Family Moments in A Distracted Age - Della Devoted

Family Moments in A Distracted Age




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If you are lucky enough to have a family of your own, you know of all the good things that come with it.
Having a family for some is to feel secure with the people around you, who you can count on, with who you can share your problems, who are there to spend their time with you and know you well enough to pick you up when you are down.


Sure, there are the usual spats and arguments with family, but a wise person once said that you only have these arguments because you love each other, and you care about each other. All in all, people will choose having a family over not having one.

A family is about support because no one really wants to be alone. We need others to support us our journeys through life. Whether you are going through a rough time, have troubles at work, or have been through a breakup, there is no one who could better support you other than your own family. Your family is always there to boost your self-esteem no matter how bad the situation is.

Not being alone also comes back to your moral values. A family is one of the first places where you learn what’s good and virtuous and what is bad. From being kind to showing gratitude, to helping others in their bad times. All of these are some of the examples of moral values which only a family can create.

In a lot of ways, even if we fight it, your family will determine who you are and who your children become. In most cases, when we vow not to become our parents, we turn out to be exactly that, a cookie cutter version of our parents.

So, a family is your support network, your moral compass, and the very essence of being you. And in a world where we seem to live in our mobile phones that are always on and connected to our extended networks, that slowly starts to blur, or so it seems. Who doesn't have examples of a family sitting around a table not engaging with each other but complete engrossed in their mobile phones?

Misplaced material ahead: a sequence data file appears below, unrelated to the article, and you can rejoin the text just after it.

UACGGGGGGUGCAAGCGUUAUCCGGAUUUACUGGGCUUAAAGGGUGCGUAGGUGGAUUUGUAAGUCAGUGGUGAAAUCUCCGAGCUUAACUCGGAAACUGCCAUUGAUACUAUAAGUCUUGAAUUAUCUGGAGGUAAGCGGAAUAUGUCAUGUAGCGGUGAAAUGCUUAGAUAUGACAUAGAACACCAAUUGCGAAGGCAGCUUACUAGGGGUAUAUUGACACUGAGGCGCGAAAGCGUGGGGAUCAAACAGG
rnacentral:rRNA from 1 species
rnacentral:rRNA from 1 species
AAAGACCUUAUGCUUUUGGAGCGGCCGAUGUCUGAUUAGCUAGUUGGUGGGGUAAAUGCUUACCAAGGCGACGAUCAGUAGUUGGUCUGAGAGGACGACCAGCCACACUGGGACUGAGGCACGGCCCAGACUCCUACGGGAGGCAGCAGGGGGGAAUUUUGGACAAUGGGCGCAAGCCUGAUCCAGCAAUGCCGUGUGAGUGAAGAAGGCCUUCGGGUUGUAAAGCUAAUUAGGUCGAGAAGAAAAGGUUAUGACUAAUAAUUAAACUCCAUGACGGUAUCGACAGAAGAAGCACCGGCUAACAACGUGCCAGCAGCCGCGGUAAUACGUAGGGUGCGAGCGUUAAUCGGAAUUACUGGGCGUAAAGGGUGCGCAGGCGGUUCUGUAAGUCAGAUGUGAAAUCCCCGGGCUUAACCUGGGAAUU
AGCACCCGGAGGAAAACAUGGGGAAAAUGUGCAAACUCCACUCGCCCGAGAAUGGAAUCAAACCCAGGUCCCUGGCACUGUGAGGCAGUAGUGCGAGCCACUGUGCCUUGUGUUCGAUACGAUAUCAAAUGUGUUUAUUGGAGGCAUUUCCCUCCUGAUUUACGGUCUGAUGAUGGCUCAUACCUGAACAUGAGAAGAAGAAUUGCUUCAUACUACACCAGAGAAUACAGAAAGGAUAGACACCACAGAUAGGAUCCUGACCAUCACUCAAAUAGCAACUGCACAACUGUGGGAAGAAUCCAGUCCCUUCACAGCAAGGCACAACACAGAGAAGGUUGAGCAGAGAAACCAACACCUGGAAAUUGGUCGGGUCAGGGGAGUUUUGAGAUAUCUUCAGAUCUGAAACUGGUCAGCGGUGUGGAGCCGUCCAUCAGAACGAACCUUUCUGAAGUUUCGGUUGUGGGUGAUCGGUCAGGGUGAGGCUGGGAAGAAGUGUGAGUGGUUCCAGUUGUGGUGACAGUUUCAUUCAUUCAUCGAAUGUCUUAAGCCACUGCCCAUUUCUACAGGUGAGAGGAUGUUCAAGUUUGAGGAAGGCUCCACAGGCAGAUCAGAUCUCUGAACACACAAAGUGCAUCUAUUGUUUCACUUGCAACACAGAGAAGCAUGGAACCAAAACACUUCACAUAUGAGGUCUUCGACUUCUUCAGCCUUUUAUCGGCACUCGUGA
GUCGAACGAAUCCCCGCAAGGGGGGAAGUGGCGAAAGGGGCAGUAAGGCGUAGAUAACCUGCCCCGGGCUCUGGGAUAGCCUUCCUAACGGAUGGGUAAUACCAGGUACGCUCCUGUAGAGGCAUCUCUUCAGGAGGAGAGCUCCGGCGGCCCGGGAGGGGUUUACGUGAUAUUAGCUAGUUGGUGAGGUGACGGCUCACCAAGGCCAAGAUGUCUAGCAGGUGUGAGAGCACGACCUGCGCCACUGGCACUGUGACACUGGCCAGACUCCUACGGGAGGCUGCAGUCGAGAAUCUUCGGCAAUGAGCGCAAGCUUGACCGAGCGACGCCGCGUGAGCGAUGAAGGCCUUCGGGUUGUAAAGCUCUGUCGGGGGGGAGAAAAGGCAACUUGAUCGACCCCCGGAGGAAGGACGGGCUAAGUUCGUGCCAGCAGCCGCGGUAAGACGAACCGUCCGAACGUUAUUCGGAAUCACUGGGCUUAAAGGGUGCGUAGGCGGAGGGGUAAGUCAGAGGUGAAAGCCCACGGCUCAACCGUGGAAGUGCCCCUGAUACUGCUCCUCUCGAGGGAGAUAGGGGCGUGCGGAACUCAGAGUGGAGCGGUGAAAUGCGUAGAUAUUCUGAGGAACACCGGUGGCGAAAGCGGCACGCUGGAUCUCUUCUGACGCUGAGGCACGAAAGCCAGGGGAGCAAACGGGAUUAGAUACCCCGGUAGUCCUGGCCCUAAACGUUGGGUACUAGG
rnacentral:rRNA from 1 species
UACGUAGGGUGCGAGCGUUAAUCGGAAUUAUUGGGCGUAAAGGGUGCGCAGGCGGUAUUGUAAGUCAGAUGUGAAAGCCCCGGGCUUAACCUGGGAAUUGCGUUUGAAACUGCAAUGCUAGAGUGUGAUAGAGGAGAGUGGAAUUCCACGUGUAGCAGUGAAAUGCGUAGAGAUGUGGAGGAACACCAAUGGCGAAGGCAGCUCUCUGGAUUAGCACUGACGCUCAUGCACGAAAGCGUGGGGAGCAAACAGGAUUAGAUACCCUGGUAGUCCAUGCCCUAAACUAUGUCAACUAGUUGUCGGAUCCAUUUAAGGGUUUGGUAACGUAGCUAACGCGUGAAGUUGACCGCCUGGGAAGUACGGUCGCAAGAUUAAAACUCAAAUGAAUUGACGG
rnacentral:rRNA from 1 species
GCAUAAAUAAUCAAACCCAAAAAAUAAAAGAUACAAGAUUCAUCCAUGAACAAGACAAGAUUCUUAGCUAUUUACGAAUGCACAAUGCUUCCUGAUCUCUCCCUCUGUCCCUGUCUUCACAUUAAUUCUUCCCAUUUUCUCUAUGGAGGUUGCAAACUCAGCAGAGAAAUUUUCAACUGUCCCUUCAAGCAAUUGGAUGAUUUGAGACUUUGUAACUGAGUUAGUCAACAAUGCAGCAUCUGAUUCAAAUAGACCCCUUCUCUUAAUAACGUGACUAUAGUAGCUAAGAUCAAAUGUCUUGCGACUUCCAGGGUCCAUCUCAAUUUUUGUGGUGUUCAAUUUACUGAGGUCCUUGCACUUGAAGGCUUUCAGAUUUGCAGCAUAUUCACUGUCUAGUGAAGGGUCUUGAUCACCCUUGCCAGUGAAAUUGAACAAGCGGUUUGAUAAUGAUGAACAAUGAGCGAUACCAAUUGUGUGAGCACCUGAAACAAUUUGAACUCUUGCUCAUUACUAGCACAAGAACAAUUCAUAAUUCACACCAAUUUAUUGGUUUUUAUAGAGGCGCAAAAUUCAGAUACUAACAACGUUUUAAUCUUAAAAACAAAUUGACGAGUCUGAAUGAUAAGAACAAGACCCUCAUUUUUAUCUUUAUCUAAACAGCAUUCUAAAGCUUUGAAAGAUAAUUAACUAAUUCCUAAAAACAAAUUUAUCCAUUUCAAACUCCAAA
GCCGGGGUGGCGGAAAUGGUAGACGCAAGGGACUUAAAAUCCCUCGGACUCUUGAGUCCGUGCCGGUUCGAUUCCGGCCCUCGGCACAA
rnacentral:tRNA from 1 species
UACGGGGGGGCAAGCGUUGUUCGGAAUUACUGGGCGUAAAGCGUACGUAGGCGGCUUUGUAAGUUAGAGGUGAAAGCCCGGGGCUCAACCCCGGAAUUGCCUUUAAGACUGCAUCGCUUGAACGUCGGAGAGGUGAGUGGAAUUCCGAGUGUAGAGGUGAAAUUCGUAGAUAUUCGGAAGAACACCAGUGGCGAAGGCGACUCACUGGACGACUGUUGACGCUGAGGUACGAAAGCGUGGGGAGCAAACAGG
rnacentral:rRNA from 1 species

So how do we go back to putting a family front and center again, without demanding all technology to be burned? How do you connect again as a family and take those moments to slow down and connect with each other? The answer to most of these questions is to create moments to put the focus back on the family.

The usual suspects are always the holidays when everyone has at least the time to spend together. The key is to make sure you use most of this time together. A good idea is to plan family walks, ideally to places where you know there is no phone coverage. Some would say you need to force people to hand in their technology, some would argue that stacking the deck is a better solution.

Besides the holidays, there are other things that seemed to have slipped away from families, such as family conversations. And these are not ones where you discuss each other’s day (although still very important), this is about those big subjects. This could be a big discussion about finances or health. Take the care for grandparents (or even great grandparents) for example, this should not be confined to just a parents' conversation, it should be something that affects and involves the whole family. The best way to get the entire family participating is by giving everyone a voice. Talking about care for the elderly, there is the other end of the spectrum, which is caring for the smallest ones. Pediatric care is a subject that could involve the family, see https://paddallas.com for more. It doesn't have to be healthcare or finances, though; it can be lighter subjects. The thing, however, about more serious subjects is that they give weight to a discussion and therefore the importance. Once you provide a family conversation that air of seriousness, those mobile phones will automatically disappear when one starts.

And that's what it's all about. Creating moments when everyone is together, perhaps even stacking the deck to prevent people from being distracted. Then making sure that there is either gravitas or tradition to the interaction. The gravitas can be brought by having serious family conversations, where everyone can have a say. Or you can create cultures that start outweighing fleeting moments. The key is that in the end, everyone can see something that is more important (i.e., a family moment) versus a fleeting one (i.e., liking a social media post).


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